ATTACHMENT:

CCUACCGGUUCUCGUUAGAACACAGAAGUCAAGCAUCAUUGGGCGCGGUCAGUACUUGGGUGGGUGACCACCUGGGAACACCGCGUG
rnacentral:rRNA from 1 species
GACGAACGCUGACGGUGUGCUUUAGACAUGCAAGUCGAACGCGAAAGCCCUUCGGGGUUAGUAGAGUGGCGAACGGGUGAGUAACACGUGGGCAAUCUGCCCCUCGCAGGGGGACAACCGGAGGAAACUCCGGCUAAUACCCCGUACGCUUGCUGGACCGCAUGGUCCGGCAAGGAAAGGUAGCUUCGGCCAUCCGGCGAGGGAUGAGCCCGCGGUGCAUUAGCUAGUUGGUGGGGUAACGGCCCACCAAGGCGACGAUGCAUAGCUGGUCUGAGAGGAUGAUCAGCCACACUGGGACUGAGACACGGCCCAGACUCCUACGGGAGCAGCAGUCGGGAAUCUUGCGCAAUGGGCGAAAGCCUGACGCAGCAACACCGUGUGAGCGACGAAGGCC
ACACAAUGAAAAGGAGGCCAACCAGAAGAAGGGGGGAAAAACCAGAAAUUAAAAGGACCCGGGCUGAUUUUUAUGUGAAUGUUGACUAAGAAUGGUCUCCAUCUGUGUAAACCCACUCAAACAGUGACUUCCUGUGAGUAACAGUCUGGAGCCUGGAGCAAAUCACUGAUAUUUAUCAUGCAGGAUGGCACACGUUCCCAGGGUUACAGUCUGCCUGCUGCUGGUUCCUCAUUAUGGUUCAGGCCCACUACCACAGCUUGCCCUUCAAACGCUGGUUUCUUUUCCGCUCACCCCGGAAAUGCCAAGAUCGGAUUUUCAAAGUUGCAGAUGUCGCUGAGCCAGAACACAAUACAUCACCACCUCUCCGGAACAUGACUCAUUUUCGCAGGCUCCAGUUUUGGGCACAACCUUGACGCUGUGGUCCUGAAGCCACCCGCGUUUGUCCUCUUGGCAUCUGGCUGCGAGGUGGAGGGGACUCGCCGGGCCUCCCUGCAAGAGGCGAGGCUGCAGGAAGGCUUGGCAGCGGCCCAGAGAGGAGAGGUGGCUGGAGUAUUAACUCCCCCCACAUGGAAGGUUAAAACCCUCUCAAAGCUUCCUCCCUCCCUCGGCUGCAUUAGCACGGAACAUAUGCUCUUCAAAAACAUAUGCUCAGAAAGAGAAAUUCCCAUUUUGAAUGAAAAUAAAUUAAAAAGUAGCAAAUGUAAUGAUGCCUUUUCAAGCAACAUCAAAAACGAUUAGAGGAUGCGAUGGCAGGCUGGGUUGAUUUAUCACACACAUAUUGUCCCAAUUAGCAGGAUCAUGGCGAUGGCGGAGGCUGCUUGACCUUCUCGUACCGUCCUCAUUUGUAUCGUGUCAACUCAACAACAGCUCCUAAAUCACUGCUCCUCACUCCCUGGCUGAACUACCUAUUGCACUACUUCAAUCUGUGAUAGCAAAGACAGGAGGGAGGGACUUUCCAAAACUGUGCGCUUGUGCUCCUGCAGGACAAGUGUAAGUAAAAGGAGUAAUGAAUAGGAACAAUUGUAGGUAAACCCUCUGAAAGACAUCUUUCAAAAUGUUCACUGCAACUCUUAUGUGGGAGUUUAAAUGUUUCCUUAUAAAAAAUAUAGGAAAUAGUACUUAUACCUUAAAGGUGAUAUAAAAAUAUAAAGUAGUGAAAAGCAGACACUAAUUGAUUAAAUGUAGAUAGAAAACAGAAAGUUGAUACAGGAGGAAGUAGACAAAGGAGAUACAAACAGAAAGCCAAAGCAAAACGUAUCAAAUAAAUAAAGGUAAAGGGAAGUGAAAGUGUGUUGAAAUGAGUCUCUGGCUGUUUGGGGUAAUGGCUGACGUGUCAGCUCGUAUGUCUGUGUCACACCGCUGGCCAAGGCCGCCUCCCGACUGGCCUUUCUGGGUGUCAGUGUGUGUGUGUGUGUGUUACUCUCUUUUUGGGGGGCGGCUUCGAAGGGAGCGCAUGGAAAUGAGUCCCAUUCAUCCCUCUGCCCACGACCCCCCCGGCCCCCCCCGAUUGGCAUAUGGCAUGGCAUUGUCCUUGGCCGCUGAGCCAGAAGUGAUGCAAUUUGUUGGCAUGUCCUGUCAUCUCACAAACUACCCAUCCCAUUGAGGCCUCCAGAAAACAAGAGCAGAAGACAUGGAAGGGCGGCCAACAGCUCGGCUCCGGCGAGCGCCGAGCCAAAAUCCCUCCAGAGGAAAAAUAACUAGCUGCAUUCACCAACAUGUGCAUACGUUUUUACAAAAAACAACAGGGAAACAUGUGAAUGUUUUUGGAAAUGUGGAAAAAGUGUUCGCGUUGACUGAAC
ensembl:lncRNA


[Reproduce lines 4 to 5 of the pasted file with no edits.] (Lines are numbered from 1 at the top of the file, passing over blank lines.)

ACACAAUGAAAAGGAGGCCAACCAGAAGAAGGGGGGAAAAACCAGAAAUUAAAAGGACCCGGGCUGAUUUUUAUGUGAAUGUUGACUAAGAAUGGUCUCCAUCUGUGUAAACCCACUCAAACAGUGACUUCCUGUGAGUAACAGUCUGGAGCCUGGAGCAAAUCACUGAUAUUUAUCAUGCAGGAUGGCACACGUUCCCAGGGUUACAGUCUGCCUGCUGCUGGUUCCUCAUUAUGGUUCAGGCCCACUACCACAGCUUGCCCUUCAAACGCUGGUUUCUUUUCCGCUCACCCCGGAAAUGCCAAGAUCGGAUUUUCAAAGUUGCAGAUGUCGCUGAGCCAGAACACAAUACAUCACCACCUCUCCGGAACAUGACUCAUUUUCGCAGGCUCCAGUUUUGGGCACAACCUUGACGCUGUGGUCCUGAAGCCACCCGCGUUUGUCCUCUUGGCAUCUGGCUGCGAGGUGGAGGGGACUCGCCGGGCCUCCCUGCAAGAGGCGAGGCUGCAGGAAGGCUUGGCAGCGGCCCAGAGAGGAGAGGUGGCUGGAGUAUUAACUCCCCCCACAUGGAAGGUUAAAACCCUCUCAAAGCUUCCUCCCUCCCUCGGCUGCAUUAGCACGGAACAUAUGCUCUUCAAAAACAUAUGCUCAGAAAGAGAAAUUCCCAUUUUGAAUGAAAAUAAAUUAAAAAGUAGCAAAUGUAAUGAUGCCUUUUCAAGCAACAUCAAAAACGAUUAGAGGAUGCGAUGGCAGGCUGGGUUGAUUUAUCACACACAUAUUGUCCCAAUUAGCAGGAUCAUGGCGAUGGCGGAGGCUGCUUGACCUUCUCGUACCGUCCUCAUUUGUAUCGUGUCAACUCAACAACAGCUCCUAAAUCACUGCUCCUCACUCCCUGGCUGAACUACCUAUUGCACUACUUCAAUCUGUGAUAGCAAAGACAGGAGGGAGGGACUUUCCAAAACUGUGCGCUUGUGCUCCUGCAGGACAAGUGUAAGUAAAAGGAGUAAUGAAUAGGAACAAUUGUAGGUAAACCCUCUGAAAGACAUCUUUCAAAAUGUUCACUGCAACUCUUAUGUGGGAGUUUAAAUGUUUCCUUAUAAAAAAUAUAGGAAAUAGUACUUAUACCUUAAAGGUGAUAUAAAAAUAUAAAGUAGUGAAAAGCAGACACUAAUUGAUUAAAUGUAGAUAGAAAACAGAAAGUUGAUACAGGAGGAAGUAGACAAAGGAGAUACAAACAGAAAGCCAAAGCAAAACGUAUCAAAUAAAUAAAGGUAAAGGGAAGUGAAAGUGUGUUGAAAUGAGUCUCUGGCUGUUUGGGGUAAUGGCUGACGUGUCAGCUCGUAUGUCUGUGUCACACCGCUGGCCAAGGCCGCCUCCCGACUGGCCUUUCUGGGUGUCAGUGUGUGUGUGUGUGUGUUACUCUCUUUUUGGGGGGCGGCUUCGAAGGGAGCGCAUGGAAAUGAGUCCCAUUCAUCCCUCUGCCCACGACCCCCCCGGCCCCCCCCGAUUGGCAUAUGGCAUGGCAUUGUCCUUGGCCGCUGAGCCAGAAGUGAUGCAAUUUGUUGGCAUGUCCUGUCAUCUCACAAACUACCCAUCCCAUUGAGGCCUCCAGAAAACAAGAGCAGAAGACAUGGAAGGGCGGCCAACAGCUCGGCUCCGGCGAGCGCCGAGCCAAAAUCCCUCCAGAGGAAAAAUAACUAGCUGCAUUCACCAACAUGUGCAUACGUUUUUACAAAAAACAACAGGGAAACAUGUGAAUGUUUUUGGAAAUGUGGAAAAAGUGUUCGCGUUGACUGAAC
ensembl:lncRNA